Volunteers deliver food to needy families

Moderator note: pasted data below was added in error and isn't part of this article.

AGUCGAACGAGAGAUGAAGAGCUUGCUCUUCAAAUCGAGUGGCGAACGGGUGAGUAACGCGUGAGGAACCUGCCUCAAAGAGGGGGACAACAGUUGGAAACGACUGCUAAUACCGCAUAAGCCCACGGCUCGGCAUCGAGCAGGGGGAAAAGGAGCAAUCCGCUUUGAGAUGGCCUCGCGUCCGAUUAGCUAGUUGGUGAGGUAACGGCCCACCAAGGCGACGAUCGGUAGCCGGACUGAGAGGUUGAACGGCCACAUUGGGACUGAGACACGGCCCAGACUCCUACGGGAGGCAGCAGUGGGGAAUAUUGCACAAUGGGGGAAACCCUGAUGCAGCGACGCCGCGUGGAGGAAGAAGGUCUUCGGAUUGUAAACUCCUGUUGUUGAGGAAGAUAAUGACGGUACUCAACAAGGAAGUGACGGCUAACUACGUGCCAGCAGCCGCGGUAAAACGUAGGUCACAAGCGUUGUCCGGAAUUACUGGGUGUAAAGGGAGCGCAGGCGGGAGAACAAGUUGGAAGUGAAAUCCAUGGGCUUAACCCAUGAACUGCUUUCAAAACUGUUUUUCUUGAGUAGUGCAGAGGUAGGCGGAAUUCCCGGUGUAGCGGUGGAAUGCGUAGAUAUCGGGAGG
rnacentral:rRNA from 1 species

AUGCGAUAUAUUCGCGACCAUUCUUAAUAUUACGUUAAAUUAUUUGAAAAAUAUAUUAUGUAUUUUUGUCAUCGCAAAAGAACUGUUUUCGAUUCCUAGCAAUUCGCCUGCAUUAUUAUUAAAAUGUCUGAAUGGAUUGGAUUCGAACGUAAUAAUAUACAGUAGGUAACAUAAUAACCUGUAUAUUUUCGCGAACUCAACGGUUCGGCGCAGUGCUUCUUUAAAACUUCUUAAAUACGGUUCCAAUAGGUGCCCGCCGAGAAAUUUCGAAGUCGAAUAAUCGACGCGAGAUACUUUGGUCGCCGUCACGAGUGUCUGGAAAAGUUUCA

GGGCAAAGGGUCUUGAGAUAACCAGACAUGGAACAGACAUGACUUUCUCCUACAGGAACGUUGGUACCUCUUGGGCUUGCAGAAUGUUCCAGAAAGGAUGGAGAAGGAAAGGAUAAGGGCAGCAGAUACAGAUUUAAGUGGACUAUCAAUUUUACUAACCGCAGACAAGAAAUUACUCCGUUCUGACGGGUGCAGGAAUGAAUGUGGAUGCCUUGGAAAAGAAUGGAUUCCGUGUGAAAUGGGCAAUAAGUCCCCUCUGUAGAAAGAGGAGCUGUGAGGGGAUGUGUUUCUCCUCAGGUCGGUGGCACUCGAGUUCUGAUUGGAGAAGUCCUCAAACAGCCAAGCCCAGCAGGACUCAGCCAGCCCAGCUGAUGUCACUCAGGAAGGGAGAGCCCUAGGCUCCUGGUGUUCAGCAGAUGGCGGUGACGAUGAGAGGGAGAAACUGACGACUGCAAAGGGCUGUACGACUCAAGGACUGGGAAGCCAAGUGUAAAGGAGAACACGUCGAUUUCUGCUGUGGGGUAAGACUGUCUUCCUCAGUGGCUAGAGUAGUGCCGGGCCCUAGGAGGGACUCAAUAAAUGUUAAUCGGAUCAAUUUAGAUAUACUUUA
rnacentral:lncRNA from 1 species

EDWARDS – There was almost no Thanksgiving dinner for Kim’s family last year.She was unable to work after a car accident, and medical bills were piling up from multiple sclerosis treatment, said Kim, who asked that her full name not be printed. She would have made a celebration out of what they had for her 5-year-old daughter, but the family just could not afford to buy the traditional holiday meal, she said.But thanks to the Salvation Army and community volunteers, Kim’s family received a gift box at their door full of food – everything needed for a Thanksgiving dinner.”It allowed us to have a big, beautiful turkey with all the sides, and I was able to have family over, which I could not have done otherwise,” she said. This year the Salvation Army packed and delivered dinners to 350 valley families as part of the Thanksgiving Food Basket program. The food came from food drives held by various community groups, including the town of Eagle, Cub Scouts and ECO Transit, which challenged donors to fill a bus with food.A simple dinner can make a big impact for families, said Salvation Army caseworker Shaun Weisensel. “Food is often the centerpiece of Thanksgiving. Everybody should be able to get together as a family and enjoy Thanksgiving dinner,” she said.Volunteers loaded the boxes with turkeys, cranberry sauce, potatoes, hot chocolate, canned vegetables, stuffing and chili in the crowded hallways of Avon Elementary School on Saturday morning. Outside, brisk weather and slight showers did not deter others from loading up vehicles for delivery to families.Downvalley, volunteers did the same at Brush Creek Pavilion in Eagle.Volunteer groups included the fire departments, the Sheriff’s Office, Girl Scout troops and SOS Outreach.Lexi Meichtry, 9, who volunteered with an Edwards Girl Scout troop, said she thinks the food will really help families out. “They’ll be so excited they don’t have to buy food,” she said.Avon resident Robin Henzler volunteered with SOS Outreach along with her two children, Margo and Forrest.SOS Outreach helps with both the Thanksgiving and Christmas food boxes, she said, and this year they had a record number of volunteers.Helping pack boxes was a way to show support for the organizations as well as work with many other groups in the community, Robin Henzler said.”I’ve really enjoyed seeing all the different people here working together,” she said.Things are expensive in the valley, said Forrest Henzler, 13, and this is a way to make a difference for some families. “Just a little bit helps,” he said.The Salvation Army and other community organizations also provided Christmas dinner and generous gifts for the family, which really got them through a rough holiday season, Kim said.”I’ve never experienced a community like this. It’s amazing,” she said.=============Holiday helpingChristmas food baskets: The Salvation Army will pack and deliver Christmas dinners. It needs donations and volunteers. Packing and delivery will be Dec. 15 from 9 a.m.-2 p.m. at both Avon Elementary and United Methodist Church in Eagle. Adopt a Family: Volunteer to buy gifts for a family that may not be getting many presents this year. The program is ongoing until Dec. 22. Shoppers also can choose from donated toys and clothes for free at the “Holiday Cabin” in Avon’s Chapel Square. Food pantries: The Salvation Army always needs donations for its three pantries at the Vail Interfaith Chapel, its Edwards office and the United Methodist Church in Eagle.For more information on these programs, call 926-3704==============Staff Writer Melanie Wong can be reached at 748-2928 or email@example.com.